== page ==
Explanation
This statement is not true because waves with identical frequencies can interfere constructively or destructively depending on their phase. If the waves are in-phase, they will interfere constructively, but if they are out-of-phase, they will interfere destructively.

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• 7.

______ is the time to complete one cycle.

• A.

Pulse duration

• B.

Pulse period

• C.

Period

• D.

Duration period

C. Period
Explanation
The correct term for the time it takes to complete one cycle in a periodic wave or oscillation is "period." The period (denoted by the symbol 'T') is the reciprocal of the frequency (f) of the wave and can be calculated using the following formula:T = 1/fThe period is usually measured in seconds (s) or milliseconds (ms) and represents the time interval between two consecutive points in the same phase of the wave, such as two consecutive peaks or troughs. Understanding the period of a wave, along with other related concepts like frequency, wavelength, and amplitude, is essential in the study of oscillatory phenomena, including sound waves, electromagnetic waves, and simple harmonic motion.

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• 8.

Which of the following sound waves is ultrasonic and least useful in diagnostic imaging?

• A.

30 kHz

• B.

8 MHz

• C.

8.00 Hz

• D.

3.00 kHz

• E.

15 Hz

A. 30 kHz
Explanation
Ultrasonic waves refer to sound waves that have a frequency above the range of human hearing, which typically starts at around 20 kHz. Therefore, the sound wave with a frequency of 30 kHz is considered ultrasonic. Diagnostic imaging, such as ultrasound imaging, utilizes sound waves in the megahertz range (MHz), typically between 2-18 MHz, to create detailed images of internal body structures. Since 30 kHz is below this range, it is least useful in diagnostic imaging.

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• 9.

What is the frequency of a wave with a 1 msec period?

• A.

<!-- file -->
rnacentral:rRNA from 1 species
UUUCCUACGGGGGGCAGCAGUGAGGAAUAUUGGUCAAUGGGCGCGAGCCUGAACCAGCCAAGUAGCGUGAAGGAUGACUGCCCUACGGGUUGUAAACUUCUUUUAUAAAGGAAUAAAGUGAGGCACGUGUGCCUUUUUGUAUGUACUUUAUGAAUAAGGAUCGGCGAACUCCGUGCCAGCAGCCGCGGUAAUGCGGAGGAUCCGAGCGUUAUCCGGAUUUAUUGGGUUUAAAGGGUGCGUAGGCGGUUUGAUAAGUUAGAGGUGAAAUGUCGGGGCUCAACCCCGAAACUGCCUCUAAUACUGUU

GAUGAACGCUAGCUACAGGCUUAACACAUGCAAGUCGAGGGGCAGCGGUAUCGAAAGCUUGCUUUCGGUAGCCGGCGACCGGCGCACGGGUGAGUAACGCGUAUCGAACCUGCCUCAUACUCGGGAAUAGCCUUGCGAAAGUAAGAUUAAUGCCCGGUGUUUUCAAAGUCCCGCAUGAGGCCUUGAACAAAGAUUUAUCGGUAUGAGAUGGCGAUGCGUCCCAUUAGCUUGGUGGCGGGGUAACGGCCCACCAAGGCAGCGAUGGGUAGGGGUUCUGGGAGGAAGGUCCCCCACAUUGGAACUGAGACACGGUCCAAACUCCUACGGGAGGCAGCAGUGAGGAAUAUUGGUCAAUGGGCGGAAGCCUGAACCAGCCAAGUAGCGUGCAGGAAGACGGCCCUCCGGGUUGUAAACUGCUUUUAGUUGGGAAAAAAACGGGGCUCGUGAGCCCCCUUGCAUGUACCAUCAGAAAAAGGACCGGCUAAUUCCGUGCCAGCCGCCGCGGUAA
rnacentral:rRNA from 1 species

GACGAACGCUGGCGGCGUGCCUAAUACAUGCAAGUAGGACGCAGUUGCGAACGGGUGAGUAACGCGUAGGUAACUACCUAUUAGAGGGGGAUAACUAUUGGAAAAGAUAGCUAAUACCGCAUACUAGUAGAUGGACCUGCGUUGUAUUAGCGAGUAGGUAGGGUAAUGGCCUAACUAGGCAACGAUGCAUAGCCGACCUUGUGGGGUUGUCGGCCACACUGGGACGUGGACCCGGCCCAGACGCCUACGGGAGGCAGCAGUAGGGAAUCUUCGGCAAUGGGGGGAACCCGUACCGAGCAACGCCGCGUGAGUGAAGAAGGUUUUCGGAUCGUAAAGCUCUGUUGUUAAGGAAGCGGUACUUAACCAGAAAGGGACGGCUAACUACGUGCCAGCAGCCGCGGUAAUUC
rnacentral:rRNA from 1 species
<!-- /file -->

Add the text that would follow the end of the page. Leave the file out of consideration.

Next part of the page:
10.00 Hz

• B.

1.00 kHz

• C.

1 kHz

• D.

1 MHz

C. 1 kHz
Explanation
The frequency of a wave is the number of complete cycles of the wave that occur in one second. In this case, the wave has a period of 1 millisecond, which means it completes one cycle in 1 millisecond. To find the frequency, we can use the formula: frequency = 1 / period. Therefore, the frequency of the wave with a 1 msec period is 1 kHz (1 kilohertz), which means it completes 1,000 cycles in one second.

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• 10.

_____ is the distance covered by one cycle.

• A.

Pulse length

• B.

Wavelength

• C.

Cycle distance

• D.

Cycle duration

B. Wavelength
Explanation
wavelength is the length of space that one wave occupies, usually measured in mm, meters, inches.

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• 11.

Which of the following is determined by the source and the medium?

• A.

Frequency

• B.

Period

• C.

Propagation speed

• D.

Range resolution

D. Range resolution
Explanation
Range resolution is determined by the source and the medium. Range resolution refers to the ability of a system to distinguish between two closely spaced targets in the range direction. The source characteristics, such as the wavelength of the signal, and the properties of the medium through which the signal propagates, such as the speed of propagation, affect the range resolution. By controlling these factors, the source and the medium can influence the ability of the system to resolve targets at different ranges.

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• 12.

Propagation speed = _______ x wavelength

• A.

Pulse duration

• B.

Period

• C.

Number of cycles in the pulse

• D.

Frequency

D. Frequency
Explanation
The propagation speed of a wave is equal to the frequency of the wave multiplied by its wavelength. This relationship is defined by the wave equation, where the speed of a wave is determined by the frequency at which it oscillates and the distance it travels per cycle (wavelength). Therefore, the correct answer is frequency.

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• 13.

As a result of _____ the propagation speed increases.

• A.

Increasing stiffness and increasing density

• B.

Increasing stiffness and increasing elasticity

• C.

Decreasing compressibility and decreasing density

• D.

Decreasing stiffness and decreasing density

C. Decreasing compressibility and decreasing density
Explanation
When the compressibility and density of a material decrease, the propagation speed increases. This is because when a material is less compressible, it is able to transmit waves more efficiently, resulting in a faster propagation speed. Similarly, when the density of a material decreases, there are fewer particles to interact with, allowing the waves to travel faster. Therefore, decreasing compressibility and density both contribute to an increase in propagation speed.

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• Mar 13, 2024
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• Nov 20, 2011